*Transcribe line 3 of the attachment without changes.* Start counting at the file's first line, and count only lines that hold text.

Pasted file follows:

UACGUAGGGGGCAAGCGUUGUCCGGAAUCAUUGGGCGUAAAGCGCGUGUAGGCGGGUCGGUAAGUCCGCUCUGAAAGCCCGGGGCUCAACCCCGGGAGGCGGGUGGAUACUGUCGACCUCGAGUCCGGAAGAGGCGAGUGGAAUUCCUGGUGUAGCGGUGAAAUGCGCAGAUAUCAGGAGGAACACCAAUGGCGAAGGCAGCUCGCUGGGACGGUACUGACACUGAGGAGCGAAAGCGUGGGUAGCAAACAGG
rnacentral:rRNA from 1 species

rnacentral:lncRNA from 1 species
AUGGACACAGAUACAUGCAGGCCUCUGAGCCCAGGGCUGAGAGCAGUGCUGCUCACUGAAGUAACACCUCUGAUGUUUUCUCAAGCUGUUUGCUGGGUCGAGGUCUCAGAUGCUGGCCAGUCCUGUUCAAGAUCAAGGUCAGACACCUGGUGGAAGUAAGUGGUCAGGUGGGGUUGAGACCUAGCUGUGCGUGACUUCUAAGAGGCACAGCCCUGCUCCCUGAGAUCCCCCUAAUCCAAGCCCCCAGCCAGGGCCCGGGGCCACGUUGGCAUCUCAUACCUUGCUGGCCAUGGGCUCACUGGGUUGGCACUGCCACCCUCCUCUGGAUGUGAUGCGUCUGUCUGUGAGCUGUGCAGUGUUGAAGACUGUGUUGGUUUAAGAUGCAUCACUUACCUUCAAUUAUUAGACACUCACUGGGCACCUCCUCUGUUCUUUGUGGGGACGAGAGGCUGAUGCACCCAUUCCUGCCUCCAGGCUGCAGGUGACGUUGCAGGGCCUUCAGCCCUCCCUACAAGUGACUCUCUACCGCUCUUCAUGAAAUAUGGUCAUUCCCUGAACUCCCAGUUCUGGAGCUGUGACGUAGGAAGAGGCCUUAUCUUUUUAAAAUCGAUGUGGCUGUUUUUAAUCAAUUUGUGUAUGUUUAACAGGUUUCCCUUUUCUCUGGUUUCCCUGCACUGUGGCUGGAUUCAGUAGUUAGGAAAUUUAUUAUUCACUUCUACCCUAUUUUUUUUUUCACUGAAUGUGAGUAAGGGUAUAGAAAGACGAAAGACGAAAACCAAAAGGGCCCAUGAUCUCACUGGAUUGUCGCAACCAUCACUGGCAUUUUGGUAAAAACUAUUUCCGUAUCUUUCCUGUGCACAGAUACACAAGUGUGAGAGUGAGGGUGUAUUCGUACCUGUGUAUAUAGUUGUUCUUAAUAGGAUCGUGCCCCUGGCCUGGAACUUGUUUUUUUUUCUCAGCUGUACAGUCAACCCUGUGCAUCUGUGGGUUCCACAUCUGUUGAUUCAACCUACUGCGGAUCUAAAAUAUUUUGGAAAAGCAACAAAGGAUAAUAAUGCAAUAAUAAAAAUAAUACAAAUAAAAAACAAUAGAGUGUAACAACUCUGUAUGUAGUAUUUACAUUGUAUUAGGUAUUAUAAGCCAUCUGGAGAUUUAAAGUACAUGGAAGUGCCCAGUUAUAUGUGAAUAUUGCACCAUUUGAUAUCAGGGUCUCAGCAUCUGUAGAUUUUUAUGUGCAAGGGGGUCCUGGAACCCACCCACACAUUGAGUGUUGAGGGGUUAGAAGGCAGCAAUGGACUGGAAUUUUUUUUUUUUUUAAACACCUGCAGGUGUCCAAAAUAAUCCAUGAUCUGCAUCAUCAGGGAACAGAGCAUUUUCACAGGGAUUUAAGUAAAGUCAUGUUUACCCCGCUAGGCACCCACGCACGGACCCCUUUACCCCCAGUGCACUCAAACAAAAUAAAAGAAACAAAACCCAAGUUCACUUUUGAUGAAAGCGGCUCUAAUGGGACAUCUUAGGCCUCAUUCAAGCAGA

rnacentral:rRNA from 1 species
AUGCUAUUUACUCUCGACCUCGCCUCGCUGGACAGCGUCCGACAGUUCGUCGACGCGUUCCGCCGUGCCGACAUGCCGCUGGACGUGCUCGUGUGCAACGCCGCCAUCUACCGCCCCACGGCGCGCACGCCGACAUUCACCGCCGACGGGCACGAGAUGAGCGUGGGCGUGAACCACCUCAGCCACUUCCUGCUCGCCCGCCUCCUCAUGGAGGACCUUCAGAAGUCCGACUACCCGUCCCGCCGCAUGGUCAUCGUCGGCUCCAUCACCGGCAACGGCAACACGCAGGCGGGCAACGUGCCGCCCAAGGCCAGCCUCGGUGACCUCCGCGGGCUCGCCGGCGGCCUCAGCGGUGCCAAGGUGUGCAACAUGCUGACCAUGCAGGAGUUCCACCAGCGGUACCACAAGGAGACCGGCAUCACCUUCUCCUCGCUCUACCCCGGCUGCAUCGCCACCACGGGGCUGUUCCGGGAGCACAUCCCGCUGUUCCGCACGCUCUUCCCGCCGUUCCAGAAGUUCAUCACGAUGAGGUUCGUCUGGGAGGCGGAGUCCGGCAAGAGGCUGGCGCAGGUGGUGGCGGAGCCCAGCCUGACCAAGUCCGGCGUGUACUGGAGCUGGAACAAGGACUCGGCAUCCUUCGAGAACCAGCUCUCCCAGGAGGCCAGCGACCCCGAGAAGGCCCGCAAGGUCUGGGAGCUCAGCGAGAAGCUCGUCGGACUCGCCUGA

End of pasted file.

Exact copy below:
rnacentral:lncRNA from 1 species